Two women went to the hospital with non-life-threatening injuries after being struck by a car outside of a Giles County, Virginia (VA), nursing home and rehabilitation center on the afternoon of February 24, 2017. The 81-year-old driver had been visiting with one of the injured pedestrians before she lost control of her vehicle as she attempted to pull out from a parking spot.



Police could not immediately determine the cause of the crash in the parking lot of the long-term health care facility located off Old Virginia Avenue in the Rich Creek community. They also did not file charges against the driver, who escaped injury despite also crashing into the entrance of the building.

Possible Pedal Confusion

Incidents like this often result from what crash researchers call “pedal application error.” After analyzing nearly 900 wrecks in which a driver hit a pedestrian, vehicle or structure after confusing the gas pedal for the brake pedal, the National Transportation Safety Board in 2012 concluded that women older than 76 were the most likely to commit pedal application errors. A full two-thirds of the analyzed parking lot and driveway accidents involved female drivers, and more than half those women were senior citizens.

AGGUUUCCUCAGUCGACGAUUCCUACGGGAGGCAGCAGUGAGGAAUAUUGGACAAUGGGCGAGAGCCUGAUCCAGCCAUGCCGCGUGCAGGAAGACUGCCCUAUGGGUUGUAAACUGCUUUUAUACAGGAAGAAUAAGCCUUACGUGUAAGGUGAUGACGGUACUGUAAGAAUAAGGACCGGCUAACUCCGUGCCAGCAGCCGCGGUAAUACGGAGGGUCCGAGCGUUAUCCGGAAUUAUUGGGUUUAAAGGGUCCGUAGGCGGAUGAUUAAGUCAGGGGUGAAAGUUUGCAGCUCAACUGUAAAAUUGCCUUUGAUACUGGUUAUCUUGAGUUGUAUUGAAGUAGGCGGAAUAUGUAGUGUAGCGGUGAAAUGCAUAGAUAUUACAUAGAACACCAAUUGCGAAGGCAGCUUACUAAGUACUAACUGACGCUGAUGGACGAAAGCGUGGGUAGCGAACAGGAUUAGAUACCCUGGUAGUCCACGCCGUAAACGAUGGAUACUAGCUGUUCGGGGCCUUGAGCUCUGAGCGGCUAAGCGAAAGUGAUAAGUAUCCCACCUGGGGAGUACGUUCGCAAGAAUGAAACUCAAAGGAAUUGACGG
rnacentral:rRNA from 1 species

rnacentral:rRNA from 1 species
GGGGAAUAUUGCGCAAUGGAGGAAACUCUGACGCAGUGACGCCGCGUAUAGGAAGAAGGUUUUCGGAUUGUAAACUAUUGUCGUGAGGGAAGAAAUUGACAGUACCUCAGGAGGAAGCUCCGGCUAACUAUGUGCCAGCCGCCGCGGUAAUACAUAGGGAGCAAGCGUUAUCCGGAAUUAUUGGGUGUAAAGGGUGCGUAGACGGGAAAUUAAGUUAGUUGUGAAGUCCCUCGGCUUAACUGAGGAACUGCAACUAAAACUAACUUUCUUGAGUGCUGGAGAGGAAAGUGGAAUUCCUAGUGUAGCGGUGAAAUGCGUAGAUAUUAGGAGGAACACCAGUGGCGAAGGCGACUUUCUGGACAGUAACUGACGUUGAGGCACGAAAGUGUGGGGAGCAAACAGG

The agency proposed the following reasons for this:

  • Loss of height, which makes reaching the correct pedal without special effort difficult
  • Higher rates of medical conditions that make operating brake pedals difficult, such as neuropathy and arthritis
  • Age-related decreases in reaction time and coordination coupled with a diminished ability to make decisions quickly

NTSB researchers characterized the last factor as “poor executive function.” Another way to define that is a decrease in the ability to rapidly recognize and respond to an error.

Driving ability does not always decline with age, and each person experiences aging differently. To ensure that older drivers can still operate safely, Virginia requires residents above the age of 75 to renew their license in person. During their check-in at the DMV, elderly drivers must pass an eye test or present a report from a licensed eye care professional that attests their vision has met minimum standards within the previous six months. A DMV evaluator can also request that an elderly driver receive medical clearance.

Pedestrians in Parking Lots

The two pedestrians who sustained injuries in the Giles County nursing home parking lot likely have strong claims to make against the driver’s car insurance policy. Even though the woman who hit them was not charged with violating any traffic laws, she did make some kind of mistake that resulted in harm to other people. Insurance exists precisely to compensate victims of accidents.

Working with a Virginia personal injury lawyer who has assisted other pedestrians will help the injured women collect and present evidence that supports their requests for compensation and damages. The purpose will not to be assign blame to the driver, but to defray unexpected medical and recovery costs.